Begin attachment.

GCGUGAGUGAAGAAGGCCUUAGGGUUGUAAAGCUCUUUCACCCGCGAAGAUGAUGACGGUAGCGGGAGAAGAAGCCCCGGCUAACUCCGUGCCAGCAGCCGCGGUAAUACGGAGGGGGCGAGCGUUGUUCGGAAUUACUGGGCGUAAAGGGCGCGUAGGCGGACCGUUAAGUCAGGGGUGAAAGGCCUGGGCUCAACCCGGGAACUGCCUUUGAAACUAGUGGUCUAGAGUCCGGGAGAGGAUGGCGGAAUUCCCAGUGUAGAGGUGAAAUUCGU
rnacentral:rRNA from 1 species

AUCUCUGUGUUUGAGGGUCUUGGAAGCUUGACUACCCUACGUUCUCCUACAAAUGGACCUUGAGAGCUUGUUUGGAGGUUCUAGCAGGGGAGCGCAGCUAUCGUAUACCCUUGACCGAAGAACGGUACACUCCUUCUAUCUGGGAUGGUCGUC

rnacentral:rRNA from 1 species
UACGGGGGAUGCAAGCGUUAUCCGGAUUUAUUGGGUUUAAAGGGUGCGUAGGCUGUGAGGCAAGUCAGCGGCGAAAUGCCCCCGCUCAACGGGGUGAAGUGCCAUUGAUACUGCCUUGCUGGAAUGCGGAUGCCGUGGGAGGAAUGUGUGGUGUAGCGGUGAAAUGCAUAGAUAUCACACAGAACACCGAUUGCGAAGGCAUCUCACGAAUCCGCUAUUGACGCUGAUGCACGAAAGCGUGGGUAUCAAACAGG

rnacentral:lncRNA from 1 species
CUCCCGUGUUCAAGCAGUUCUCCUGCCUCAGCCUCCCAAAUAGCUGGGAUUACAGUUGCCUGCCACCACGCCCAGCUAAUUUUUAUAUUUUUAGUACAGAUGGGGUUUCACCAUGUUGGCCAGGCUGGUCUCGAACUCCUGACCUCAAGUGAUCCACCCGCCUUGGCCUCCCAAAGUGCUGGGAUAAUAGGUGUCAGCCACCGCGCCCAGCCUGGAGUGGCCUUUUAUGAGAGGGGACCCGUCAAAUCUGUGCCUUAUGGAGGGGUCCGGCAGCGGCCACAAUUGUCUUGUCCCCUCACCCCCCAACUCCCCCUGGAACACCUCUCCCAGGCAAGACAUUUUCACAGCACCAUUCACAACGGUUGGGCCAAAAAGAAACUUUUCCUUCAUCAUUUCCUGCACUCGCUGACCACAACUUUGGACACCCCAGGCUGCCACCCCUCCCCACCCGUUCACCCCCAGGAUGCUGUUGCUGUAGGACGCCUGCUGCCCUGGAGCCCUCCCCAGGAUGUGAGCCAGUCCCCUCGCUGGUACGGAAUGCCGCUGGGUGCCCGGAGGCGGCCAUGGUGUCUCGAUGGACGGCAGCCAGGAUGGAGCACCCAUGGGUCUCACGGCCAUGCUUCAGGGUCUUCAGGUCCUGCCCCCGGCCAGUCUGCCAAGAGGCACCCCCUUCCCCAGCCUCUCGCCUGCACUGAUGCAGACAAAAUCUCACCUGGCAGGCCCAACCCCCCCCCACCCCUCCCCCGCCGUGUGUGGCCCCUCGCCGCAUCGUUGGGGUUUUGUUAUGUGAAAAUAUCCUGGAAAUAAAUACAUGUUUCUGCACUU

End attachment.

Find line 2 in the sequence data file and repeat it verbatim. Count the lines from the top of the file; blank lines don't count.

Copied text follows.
rnacentral:rRNA from 1 species